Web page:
The current military front party, the Union Solidarity and Development Party, claimed election fraud, perhaps drawing a lesson from Donald Trump in the United States.

On January 28, Myanmar's election commission rejected these claims (external link

Planning for the takeover of the government evidently began immediately.

There is speculation that Chinese-brokered negotiations between NLD leaders and the military came to naught when Aung San refused to budge to military demands.

The military moved in on February 2 morning and the Myanamarese woke up to yet another version of military control.

IMAGE: A Rohingya Muslim refugee boy is carried in a basket after crossing the border from Myanmar into Bangladesh close to the Naf river on November 2, 2017. Photograph: Kevin Frayer/Getty Images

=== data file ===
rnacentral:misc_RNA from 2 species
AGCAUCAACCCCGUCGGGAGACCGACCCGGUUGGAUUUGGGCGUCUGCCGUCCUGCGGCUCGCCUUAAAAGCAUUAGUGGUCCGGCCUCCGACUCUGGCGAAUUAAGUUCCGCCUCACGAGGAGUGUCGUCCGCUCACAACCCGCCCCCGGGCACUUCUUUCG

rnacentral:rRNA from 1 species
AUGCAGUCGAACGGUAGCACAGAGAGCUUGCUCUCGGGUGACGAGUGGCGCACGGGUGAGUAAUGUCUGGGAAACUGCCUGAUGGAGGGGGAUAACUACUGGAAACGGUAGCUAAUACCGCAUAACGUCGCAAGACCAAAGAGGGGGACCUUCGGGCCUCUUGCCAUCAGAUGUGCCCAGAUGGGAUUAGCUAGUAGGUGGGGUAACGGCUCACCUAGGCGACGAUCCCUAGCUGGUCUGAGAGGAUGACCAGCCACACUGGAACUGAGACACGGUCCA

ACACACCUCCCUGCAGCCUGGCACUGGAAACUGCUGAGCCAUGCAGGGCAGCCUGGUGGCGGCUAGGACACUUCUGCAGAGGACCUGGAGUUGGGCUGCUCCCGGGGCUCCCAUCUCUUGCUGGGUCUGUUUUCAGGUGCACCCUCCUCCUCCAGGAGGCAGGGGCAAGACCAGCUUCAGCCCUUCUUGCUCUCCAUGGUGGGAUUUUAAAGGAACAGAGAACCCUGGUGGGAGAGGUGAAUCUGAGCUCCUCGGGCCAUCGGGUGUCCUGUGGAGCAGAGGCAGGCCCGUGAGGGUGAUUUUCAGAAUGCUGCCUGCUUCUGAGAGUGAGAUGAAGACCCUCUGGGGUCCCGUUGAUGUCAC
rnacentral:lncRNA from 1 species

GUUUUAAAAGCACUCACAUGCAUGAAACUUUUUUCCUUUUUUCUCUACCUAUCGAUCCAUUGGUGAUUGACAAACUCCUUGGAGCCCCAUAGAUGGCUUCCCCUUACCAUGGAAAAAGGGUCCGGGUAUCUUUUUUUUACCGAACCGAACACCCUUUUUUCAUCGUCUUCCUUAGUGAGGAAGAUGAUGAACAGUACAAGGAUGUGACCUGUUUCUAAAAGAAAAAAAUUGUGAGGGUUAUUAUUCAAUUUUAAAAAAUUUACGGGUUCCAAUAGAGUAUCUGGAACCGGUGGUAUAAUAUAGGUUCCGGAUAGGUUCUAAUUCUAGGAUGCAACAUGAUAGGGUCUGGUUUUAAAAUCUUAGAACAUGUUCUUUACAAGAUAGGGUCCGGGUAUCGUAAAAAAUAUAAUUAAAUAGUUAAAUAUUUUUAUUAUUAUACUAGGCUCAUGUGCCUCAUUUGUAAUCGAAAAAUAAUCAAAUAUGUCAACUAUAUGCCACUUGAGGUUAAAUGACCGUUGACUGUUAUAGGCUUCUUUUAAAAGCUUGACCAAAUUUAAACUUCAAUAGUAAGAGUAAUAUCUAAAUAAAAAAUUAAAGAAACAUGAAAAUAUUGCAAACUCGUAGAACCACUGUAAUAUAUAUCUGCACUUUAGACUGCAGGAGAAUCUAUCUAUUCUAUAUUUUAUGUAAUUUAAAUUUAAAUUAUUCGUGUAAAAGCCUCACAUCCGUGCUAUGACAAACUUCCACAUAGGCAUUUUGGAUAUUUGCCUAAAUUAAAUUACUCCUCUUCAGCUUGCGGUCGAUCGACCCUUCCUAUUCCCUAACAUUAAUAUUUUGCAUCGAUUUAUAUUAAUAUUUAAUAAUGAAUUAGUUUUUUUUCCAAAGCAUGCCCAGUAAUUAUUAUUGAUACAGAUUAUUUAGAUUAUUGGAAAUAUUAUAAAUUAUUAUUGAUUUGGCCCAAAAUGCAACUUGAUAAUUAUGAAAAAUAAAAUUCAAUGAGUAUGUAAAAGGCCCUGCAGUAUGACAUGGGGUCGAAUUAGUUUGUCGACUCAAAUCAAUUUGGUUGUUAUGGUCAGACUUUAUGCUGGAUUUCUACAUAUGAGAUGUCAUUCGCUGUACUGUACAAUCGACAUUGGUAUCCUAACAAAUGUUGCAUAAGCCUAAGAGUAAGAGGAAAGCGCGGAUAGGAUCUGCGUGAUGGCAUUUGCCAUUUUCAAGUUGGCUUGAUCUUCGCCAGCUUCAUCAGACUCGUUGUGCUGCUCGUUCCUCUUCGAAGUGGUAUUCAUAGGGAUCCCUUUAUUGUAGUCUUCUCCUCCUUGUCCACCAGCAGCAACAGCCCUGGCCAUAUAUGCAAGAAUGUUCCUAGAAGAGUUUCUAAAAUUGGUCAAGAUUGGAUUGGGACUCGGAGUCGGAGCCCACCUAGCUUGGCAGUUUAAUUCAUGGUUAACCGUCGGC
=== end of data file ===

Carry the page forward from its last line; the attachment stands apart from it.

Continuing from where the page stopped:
Aung San Suu Kyi decided to be the face of the effort to justify the crimes of Myanmar's unaccountable army.

Despite the widespread loathing of the military, it boosted her popularity at home and she was praised for protecting the country's honour.

But some now believe she should no longer be the ubiquitous face of the nascent struggle to free the country from newfound military dictatorship.

'It's about opposing a military coup against a popularly elected government and supporting the vast majority of ordinary Myanmar people and their democratic rights and freedoms,' observes Richard Horsey, a Yangon-based political analyst.

As so many times after so many coups and 'corrective moves; made before, the future of Myanmar is in the military's hands.

Sooner or later, military rule in Myanmar will become stronger and stronger.

But only until it threatens to actually lead to real change.

Then Myanmar is likely to see the cycle repeated again.

Politics moves slowly in Myanmar. the military likes it that way.

Prakash Bhandari is a veteran commentator based in Jaipur.

Feature Presentation: Aslam Hunani/Rediff.com